Last but not least, the IT managers who implemented the methodology noted that it should be applied from top to bottom in the organization. Six Sigma is a transformational tool aimed at senior management, and if it does not want to personally commit to implementing this strategy, it will no doubt fail. Management needs to be clear about its role in the process – selecting teams, deciding which metrics to consider, establishing an accountability and transparency procedure, and setting up a mechanism to identify and monitor results.
Six Sigma / 6 Sigma Method
We live in a time when information spreads so fast that when an event happens somewhere in the world, it becomes common knowledge within hours or even minutes. Organizations must defend their reputations as manufacturers and suppliers of quality and safe products and services. Only one incident related to the quality and safety of the product can lead to irreparable damage to organizations. Although many quality control systems are used today, a methodology has gained immense popularity in gaining consumer confidence in organizations and their products.
The founding elements of 6 Sigma can be traced back to the 19th century. In the 1920s, Walter Shevert, a well-known statistician, sometimes called the “father of statistical quality control,” demonstrated that when process variation reached three-sigma averages, the process required correction. Bill Smith, an engineer working for Motorola, later coined the term Six Sigma. Bill Smith, along with Bob Galvin, the CEO of Motorola, developed a new quality management system (QMS) that highlighted the link between product performance and the need for adjustments during production. More on the topic: “Quality control and quality assurance in Project Management and Agile practices”, https://scrumtime.org/quality-control-and-quality-assurance-project-management-agile-practices/
Their four-phase system has become the foundation on which the current Six Sigma methodology is built. The four phases are Measurement, Analysis, Improvement, and Control.
What is Six Sigma?
Six Sigma is a system of statistical tools and techniques aimed at eliminating defects and reducing process variations. The Six Sigma method includes measurement, improvement, and validation activities. Six Sigma refers to the relationship between the number of defects per million capabilities and the number of standard deviations detected in the process. The maturity of the production process in this concept is described as a σ-rating of the deviations, or by the percentage of defect-free output. Thus, the quality management process 6σ at the output gives 99.99966% produced units without defects or no more than 3.4 defective units per 1 million operations.
Lean Six Sigma
6 sigma is most often associated with the number 3.4 defects per million possibilities. For most people, 6 sigma is another statistical tool for quality control analysis. 6 sigma is a methodology that aims to provide a basis for significant improvements and improve quality by eliminating deviations and defects throughout the business cycle of an enterprise.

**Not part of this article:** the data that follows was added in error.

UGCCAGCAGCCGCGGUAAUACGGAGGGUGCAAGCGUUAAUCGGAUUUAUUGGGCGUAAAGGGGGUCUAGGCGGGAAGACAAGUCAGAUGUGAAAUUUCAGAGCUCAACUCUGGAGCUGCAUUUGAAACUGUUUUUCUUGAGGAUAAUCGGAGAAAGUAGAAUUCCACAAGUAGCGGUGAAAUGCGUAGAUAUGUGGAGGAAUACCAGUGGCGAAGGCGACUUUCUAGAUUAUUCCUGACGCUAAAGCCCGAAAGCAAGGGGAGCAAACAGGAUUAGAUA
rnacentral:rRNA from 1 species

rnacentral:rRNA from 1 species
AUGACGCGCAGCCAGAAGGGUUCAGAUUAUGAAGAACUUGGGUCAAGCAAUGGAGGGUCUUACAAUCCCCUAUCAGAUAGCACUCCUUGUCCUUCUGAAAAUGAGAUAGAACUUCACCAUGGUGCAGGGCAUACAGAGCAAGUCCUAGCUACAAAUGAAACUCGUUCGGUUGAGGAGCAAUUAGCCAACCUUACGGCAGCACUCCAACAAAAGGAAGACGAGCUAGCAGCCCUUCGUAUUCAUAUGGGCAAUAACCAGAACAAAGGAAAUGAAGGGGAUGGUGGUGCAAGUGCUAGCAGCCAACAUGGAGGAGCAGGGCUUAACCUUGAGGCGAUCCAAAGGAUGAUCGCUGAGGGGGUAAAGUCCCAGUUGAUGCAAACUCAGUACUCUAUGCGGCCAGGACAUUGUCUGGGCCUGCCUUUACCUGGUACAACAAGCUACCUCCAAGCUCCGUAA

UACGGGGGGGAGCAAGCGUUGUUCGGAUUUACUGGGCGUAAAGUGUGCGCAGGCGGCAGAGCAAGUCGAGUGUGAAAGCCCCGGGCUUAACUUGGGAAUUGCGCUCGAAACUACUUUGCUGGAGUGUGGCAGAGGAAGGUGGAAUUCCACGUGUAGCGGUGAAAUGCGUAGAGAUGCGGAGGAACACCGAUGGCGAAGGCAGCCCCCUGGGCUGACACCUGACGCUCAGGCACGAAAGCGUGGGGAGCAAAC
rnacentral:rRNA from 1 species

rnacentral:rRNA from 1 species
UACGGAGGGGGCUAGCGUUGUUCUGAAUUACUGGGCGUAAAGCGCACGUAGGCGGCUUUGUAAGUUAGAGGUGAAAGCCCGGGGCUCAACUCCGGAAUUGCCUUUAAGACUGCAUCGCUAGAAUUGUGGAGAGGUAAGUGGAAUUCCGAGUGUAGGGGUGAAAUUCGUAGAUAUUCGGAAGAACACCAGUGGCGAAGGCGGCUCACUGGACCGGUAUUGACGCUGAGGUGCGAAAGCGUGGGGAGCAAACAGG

The leading force behind every 6 sigma project comes to the main focus of the methodology – “to be the basis for significant improvements in a systematic approach, through the management of deviations and defects.” This makes us ask questions together, raise the bar high, make people think outside the box and be innovative. The goal is to load our minds, not physically. For this purpose, we can use the following scenarios.
The first scenario is an existing process that works “reasonably” well; the second scenario is a lack of process. A bad process is better than no process at all.
1. The first scenario draws our attention to significant improvements in pre-processes and requires the use of DMAIC – Determination – Measurement – Analysis – Improvements – Management
2. Defining the objectives of the process in terms of key critical parameters (eg Critical for quality or critical for production) against the background of customer requirements or “Customer Voice”
3. Measuring the performance of the current process in the context of the set goals
4. Analyze the current scenario for deviations and defects
5. Improving the process by systematically reducing deviations and eliminating defects
6. Control of the future performance of the process
The second scenario draws attention to the use of (DFSS) methodology – Design for 6 sigma. In general, DFSS requires ODOV – Identification – Design – Optimization – Verification
1. Defining process objectives in terms of critical parameters, industry & competitors, customer’s voice
2. The design includes a list of potential solutions and the selection of the best ones
3. Optimizing performance through the use of advanced statistical methods, simulations, and design
4. Validation of the developed design following the objectives of the process
It is very important to understand 6 Sigma correctly – this methodology is not just about product quality, where only 3 defects per million are the basis of the system. But at the same time, it is what is important for the client, whether it is an internal or external problem. It is focused entirely on creating added value – both for the customer and the market. For example, Polaroid had sales of over US $ 2 billion in 1988 and operated very well on the stock exchange. It started with the introduction of 6 sigma and sometime around 1997, it became a 6 sigma company. In late 2001, they filed for bankruptcy. The reason for this was the fact that Polaroid focused only on the quality of the products, without making a full assessment of the needs of customers and the market.